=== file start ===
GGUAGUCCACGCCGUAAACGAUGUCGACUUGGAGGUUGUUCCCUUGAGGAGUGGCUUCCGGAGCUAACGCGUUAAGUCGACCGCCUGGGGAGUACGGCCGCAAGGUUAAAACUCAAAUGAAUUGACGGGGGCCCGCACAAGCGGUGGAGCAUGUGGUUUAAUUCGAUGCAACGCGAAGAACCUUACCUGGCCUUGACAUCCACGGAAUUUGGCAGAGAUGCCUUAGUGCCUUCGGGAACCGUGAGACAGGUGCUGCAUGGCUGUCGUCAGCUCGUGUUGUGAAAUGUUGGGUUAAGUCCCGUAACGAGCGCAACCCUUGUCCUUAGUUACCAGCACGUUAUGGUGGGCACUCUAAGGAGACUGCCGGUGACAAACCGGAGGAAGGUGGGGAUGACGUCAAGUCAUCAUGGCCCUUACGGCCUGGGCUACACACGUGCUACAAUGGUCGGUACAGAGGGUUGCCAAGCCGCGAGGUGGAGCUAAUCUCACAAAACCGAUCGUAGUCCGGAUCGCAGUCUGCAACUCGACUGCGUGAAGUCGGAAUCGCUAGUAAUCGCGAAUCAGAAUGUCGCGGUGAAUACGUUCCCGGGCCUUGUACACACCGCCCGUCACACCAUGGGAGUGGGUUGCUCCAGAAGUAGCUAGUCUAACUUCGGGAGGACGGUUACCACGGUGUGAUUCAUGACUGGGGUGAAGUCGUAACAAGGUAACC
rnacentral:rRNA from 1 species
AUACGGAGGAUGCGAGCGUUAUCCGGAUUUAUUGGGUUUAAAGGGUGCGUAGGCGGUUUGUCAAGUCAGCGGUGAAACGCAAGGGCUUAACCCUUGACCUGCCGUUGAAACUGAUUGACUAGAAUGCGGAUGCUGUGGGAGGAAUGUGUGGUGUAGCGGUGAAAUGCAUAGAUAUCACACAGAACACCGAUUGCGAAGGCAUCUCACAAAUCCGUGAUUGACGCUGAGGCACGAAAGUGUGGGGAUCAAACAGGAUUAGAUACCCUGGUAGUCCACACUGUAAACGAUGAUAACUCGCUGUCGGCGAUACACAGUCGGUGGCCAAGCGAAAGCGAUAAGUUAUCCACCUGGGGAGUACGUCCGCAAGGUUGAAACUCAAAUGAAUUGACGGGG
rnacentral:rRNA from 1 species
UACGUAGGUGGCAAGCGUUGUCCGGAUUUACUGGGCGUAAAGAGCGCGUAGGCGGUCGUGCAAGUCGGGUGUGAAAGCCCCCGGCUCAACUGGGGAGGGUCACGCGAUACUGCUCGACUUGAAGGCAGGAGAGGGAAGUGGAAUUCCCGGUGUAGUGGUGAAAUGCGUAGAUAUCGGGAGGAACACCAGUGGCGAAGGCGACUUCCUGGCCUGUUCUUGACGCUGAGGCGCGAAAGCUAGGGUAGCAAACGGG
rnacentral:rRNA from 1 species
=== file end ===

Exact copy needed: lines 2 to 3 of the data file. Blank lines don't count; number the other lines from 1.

rnacentral:rRNA from 1 species
AUACGGAGGAUGCGAGCGUUAUCCGGAUUUAUUGGGUUUAAAGGGUGCGUAGGCGGUUUGUCAAGUCAGCGGUGAAACGCAAGGGCUUAACCCUUGACCUGCCGUUGAAACUGAUUGACUAGAAUGCGGAUGCUGUGGGAGGAAUGUGUGGUGUAGCGGUGAAAUGCAUAGAUAUCACACAGAACACCGAUUGCGAAGGCAUCUCACAAAUCCGUGAUUGACGCUGAGGCACGAAAGUGUGGGGAUCAAACAGGAUUAGAUACCCUGGUAGUCCACACUGUAAACGAUGAUAACUCGCUGUCGGCGAUACACAGUCGGUGGCCAAGCGAAAGCGAUAAGUUAUCCACCUGGGGAGUACGUCCGCAAGGUUGAAACUCAAAUGAAUUGACGGGG